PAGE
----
1 in 28 adults in Scotland experience extreme disadvantage each year

I-SPHERE research Hard Edges Scotland, commissioned by Lankelly Chase and The Robertson Trust, has been launched today.

Hard Edges Scotland highlights the complexity of the lives of people facing multiple disadvantage.

The research found that almost 200,000 adults in Scotland experience at least one form of extreme disadvantage each year, including homelessness, substance dependency and offending.  However, when additional disadvantages such as mental ill-health and domestic violence are considered, the numbers affected more than double to nearly 450,000 people each year.

The research also details the challenges that charitable services and the public sector are facing. In particular, the report illustrates the mismatch between the multiple disadvantage people face, and the fact that services are often set up to address ‘single issues’.

Hard Edges Scotland identifies that people are often not able to access services until they have reached crisis point. It also highlights the necessity for services to become more consistent and tailored to each person, taking trauma and underlying causes such as poverty and childhood experience into consideration, to address the current gaps which are locking people in extreme disadvantage.

The pervasive nature of multiple disadvantage can affect whole families and communities, and the research alerts the urgent need to find different ways to address these problems to ensure they are not inherited by future generations.

Research key findings:

Each year in Scotland:

  • 5,700 adults experience three ‘core’ forms of severe and multiple disadvantage (homelessness, offending and substance dependency)
  • 28,800 experience two out of these three
  • 156,700 experience one of these three
  • Higher rates of extreme disadvantage are found in urban compared to rural areas
  • Glasgow, West Dunbartonshire, Clackmannanshire, Dundee, North Ayrshire and Aberdeen City show high prevalence of people experiencing ‘core’ forms of severe and multiple disadvantage.
  • Affluent, suburban towns and the Highlands and Islands have lower rates.

Martin Boyle, 49, from Glasgow has lived experience of severe and multiple disadvantages.  Boyle spent time in care throughout his early years, but when he moved back into the family home, he was abused which, coupled with bullying at school, left him feeling isolated. He said:

“I was being bullied at school and confronted with even more trauma when I got home. I hated secondary school, I didn’t know how to socialise and ended up isolating myself – which became my survival instinct. It started me down the path towards all sorts of issues such as addiction, violence and homelessness – my life was complete chaos. It was a really deep, dark time.”

Boyle has previously spent time in prison for multiple offences including drug misuse, theft and assault and felt let down by the available support services, which led to him re-offending.  When asked about Hard Edges Scotland, Boyle said:

“I wanted to be involved in Hard Edges Scotland because of my lived experience. I think all services should offer a peer-support element, to break down barriers for people with lived experience by offering them someone to talk to who has been through the same thing. The biggest thing is being listened to and breaking down barriers to earn trust; a lot of people are afraid to be honest. Some of the services are like prison in a way, you feel isolated from being passed around so much.”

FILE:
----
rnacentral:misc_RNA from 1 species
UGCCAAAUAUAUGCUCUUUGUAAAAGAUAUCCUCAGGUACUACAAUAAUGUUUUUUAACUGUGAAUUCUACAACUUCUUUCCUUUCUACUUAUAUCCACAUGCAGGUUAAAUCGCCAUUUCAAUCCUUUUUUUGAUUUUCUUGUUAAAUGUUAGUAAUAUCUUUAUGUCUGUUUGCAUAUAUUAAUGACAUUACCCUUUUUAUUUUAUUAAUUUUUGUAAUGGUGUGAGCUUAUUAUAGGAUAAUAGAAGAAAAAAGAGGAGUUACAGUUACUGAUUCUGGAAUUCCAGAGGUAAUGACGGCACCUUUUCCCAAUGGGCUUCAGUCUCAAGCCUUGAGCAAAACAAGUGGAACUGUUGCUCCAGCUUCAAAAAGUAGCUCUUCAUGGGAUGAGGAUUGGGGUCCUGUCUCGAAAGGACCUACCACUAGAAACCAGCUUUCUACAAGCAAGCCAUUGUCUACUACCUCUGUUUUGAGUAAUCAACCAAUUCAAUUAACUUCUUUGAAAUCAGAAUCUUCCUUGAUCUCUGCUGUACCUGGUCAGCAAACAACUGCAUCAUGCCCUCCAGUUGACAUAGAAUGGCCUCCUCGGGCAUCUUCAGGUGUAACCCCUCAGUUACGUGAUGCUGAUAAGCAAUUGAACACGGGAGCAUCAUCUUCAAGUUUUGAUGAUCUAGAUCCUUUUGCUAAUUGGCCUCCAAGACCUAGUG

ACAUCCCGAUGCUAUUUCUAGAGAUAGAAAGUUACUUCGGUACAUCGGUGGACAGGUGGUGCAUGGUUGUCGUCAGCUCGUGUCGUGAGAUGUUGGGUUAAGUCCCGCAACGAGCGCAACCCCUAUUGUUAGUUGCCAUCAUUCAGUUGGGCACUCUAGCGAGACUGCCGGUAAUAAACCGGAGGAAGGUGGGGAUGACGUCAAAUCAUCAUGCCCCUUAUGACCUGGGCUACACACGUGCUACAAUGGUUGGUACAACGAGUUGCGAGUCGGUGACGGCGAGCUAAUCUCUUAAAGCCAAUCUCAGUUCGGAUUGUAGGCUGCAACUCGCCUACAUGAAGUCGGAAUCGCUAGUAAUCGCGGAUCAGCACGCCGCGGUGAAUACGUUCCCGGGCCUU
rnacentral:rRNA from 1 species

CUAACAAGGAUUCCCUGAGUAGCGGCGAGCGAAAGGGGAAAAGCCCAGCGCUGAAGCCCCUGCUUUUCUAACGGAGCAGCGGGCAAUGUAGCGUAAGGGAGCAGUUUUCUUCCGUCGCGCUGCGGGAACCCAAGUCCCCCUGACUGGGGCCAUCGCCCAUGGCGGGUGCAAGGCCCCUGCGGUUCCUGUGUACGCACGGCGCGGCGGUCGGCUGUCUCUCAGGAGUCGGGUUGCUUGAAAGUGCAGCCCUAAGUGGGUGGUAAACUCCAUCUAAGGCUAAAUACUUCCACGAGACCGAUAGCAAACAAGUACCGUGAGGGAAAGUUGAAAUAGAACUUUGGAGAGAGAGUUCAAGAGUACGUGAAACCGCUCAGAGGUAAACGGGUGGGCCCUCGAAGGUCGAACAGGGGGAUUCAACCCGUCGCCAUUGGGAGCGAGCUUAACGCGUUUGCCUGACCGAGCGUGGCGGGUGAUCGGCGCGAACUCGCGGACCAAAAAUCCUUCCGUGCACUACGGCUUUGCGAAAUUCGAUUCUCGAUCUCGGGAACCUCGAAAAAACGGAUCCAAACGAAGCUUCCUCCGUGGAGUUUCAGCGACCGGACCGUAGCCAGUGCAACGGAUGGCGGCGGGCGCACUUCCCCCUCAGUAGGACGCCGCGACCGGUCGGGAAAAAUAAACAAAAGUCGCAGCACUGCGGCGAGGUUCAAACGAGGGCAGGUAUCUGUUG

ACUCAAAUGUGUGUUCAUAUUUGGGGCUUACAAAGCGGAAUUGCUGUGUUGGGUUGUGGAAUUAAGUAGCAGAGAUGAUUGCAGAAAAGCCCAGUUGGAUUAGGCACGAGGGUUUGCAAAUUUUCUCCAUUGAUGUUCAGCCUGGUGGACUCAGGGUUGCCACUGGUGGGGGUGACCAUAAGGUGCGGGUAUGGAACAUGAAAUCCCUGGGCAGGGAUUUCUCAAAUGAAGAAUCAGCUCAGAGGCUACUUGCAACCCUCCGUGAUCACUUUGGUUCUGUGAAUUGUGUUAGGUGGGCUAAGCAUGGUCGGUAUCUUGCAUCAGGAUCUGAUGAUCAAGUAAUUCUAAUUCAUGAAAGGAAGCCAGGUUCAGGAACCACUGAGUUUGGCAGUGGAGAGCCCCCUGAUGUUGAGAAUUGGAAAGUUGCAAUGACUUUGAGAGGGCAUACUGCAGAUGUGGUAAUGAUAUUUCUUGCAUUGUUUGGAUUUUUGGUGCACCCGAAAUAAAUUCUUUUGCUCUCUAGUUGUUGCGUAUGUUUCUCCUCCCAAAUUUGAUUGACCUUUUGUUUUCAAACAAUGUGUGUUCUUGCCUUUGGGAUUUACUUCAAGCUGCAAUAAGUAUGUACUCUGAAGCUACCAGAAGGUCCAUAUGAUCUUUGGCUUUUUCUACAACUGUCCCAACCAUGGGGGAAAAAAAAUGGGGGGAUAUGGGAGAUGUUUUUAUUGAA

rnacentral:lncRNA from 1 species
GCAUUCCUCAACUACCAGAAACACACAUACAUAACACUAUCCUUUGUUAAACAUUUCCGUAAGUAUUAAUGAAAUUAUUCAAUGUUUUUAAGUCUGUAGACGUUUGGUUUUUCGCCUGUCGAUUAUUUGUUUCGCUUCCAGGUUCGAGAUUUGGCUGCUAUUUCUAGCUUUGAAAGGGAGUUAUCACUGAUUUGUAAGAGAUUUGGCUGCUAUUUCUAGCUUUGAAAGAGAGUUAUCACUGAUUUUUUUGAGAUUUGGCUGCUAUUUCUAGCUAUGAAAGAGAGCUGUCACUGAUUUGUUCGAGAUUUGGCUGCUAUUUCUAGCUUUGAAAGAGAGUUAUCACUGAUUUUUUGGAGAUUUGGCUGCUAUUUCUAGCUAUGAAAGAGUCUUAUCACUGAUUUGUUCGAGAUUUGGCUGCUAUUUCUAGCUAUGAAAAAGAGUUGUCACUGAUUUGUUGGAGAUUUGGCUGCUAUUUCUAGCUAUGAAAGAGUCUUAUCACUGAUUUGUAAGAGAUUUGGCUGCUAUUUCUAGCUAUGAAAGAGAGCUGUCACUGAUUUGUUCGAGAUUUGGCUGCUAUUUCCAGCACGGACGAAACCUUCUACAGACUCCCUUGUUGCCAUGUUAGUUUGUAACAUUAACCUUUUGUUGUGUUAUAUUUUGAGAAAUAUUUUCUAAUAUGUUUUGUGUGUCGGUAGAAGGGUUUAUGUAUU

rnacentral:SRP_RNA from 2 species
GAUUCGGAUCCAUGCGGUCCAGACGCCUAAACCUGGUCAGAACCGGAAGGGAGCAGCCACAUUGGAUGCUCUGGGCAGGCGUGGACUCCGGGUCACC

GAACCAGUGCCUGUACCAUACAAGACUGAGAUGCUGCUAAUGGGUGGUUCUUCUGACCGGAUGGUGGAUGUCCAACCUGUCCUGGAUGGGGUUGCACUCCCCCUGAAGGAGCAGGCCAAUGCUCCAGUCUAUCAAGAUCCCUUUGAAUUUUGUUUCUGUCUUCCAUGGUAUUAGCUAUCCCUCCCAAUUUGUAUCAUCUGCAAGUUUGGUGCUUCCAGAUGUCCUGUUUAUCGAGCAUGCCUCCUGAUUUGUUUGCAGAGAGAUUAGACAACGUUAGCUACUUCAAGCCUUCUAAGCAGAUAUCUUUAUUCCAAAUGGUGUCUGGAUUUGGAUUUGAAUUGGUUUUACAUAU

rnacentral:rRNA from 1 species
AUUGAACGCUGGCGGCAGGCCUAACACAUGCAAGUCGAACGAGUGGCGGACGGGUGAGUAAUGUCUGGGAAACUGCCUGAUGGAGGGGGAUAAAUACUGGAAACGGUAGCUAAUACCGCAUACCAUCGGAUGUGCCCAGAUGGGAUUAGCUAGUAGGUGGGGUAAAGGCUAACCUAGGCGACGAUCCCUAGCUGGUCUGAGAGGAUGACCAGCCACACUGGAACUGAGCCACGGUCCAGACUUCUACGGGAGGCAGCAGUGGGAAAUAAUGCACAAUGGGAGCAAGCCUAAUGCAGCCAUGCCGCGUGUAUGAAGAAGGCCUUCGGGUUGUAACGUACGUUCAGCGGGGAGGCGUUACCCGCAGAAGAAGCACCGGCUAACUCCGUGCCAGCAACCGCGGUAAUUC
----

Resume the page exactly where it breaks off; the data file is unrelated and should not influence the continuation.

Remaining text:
Connected Fund

Coinciding with the launch of Hard Edges Scotland, £80,000 is being made available to communities and organisations across Scotland by Lankelly Chase to encourage new conversations about severe and multiple disadvantage. This is a chance for people to connect and reflect on what the findings are telling them about inequality, service responses and policy.

The fund will seek to encourage often unheard and missing voices from current discussions to have their say into how future support might look. Grants of up to £3,000 each will be given to facilitate new conversations in creative ways, including interactive events and workshops.

Alice Evans, Deputy Chief Executive of Lankelly Chase said:

“These findings tell the story of life as it is now for people facing extreme disadvantage across Scotland. With one in every 28 people in the country experiencing at least one form of severe disadvantage, Hard Edges Scotland asks us all to question the role we’re playing in allowing this to continue.  To support this, we want to connect discussions across communities, sectors, disciplines, hierarchies and locations. This is why we are offering grants of up to £3,000 to encourage as many people as possible to have new conversations about what needs to change to address severe and multiple disadvantage. We were particularly interested to see education emerge as a central theme when looking at missed opportunities, as school-based preventative services has become a key area of interest for the Trust in recent years.

To view the summary and full Hard Edges Scotland research, or to learn more about the grant application process, visit: http://www.lankellychase.org.uk/connected

 

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